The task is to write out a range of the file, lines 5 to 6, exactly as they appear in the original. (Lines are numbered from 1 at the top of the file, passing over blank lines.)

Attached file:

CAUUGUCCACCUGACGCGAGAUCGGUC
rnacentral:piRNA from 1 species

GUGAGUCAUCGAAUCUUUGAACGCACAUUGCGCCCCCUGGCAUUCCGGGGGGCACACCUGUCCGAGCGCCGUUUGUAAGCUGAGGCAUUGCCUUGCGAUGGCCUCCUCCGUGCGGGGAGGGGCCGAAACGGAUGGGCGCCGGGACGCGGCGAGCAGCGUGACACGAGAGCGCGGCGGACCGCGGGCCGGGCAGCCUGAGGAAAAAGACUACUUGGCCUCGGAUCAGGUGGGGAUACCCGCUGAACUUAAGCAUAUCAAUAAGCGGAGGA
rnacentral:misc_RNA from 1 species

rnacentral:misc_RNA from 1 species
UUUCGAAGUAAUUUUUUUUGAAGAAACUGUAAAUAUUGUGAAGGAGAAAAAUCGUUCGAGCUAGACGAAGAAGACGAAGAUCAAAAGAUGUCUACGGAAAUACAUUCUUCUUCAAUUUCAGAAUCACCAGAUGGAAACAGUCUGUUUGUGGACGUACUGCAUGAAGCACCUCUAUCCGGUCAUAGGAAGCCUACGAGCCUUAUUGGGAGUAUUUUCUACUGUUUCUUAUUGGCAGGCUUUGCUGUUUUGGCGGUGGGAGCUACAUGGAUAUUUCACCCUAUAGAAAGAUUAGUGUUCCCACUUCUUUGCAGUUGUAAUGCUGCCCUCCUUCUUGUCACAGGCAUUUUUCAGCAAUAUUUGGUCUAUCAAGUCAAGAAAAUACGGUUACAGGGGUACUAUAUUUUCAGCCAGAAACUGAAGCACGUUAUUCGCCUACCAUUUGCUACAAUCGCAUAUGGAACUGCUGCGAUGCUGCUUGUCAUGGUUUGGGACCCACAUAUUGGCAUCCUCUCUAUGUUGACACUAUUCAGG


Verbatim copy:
rnacentral:misc_RNA from 1 species
UUUCGAAGUAAUUUUUUUUGAAGAAACUGUAAAUAUUGUGAAGGAGAAAAAUCGUUCGAGCUAGACGAAGAAGACGAAGAUCAAAAGAUGUCUACGGAAAUACAUUCUUCUUCAAUUUCAGAAUCACCAGAUGGAAACAGUCUGUUUGUGGACGUACUGCAUGAAGCACCUCUAUCCGGUCAUAGGAAGCCUACGAGCCUUAUUGGGAGUAUUUUCUACUGUUUCUUAUUGGCAGGCUUUGCUGUUUUGGCGGUGGGAGCUACAUGGAUAUUUCACCCUAUAGAAAGAUUAGUGUUCCCACUUCUUUGCAGUUGUAAUGCUGCCCUCCUUCUUGUCACAGGCAUUUUUCAGCAAUAUUUGGUCUAUCAAGUCAAGAAAAUACGGUUACAGGGGUACUAUAUUUUCAGCCAGAAACUGAAGCACGUUAUUCGCCUACCAUUUGCUACAAUCGCAUAUGGAACUGCUGCGAUGCUGCUUGUCAUGGUUUGGGACCCACAUAUUGGCAUCCUCUCUAUGUUGACACUAUUCAGG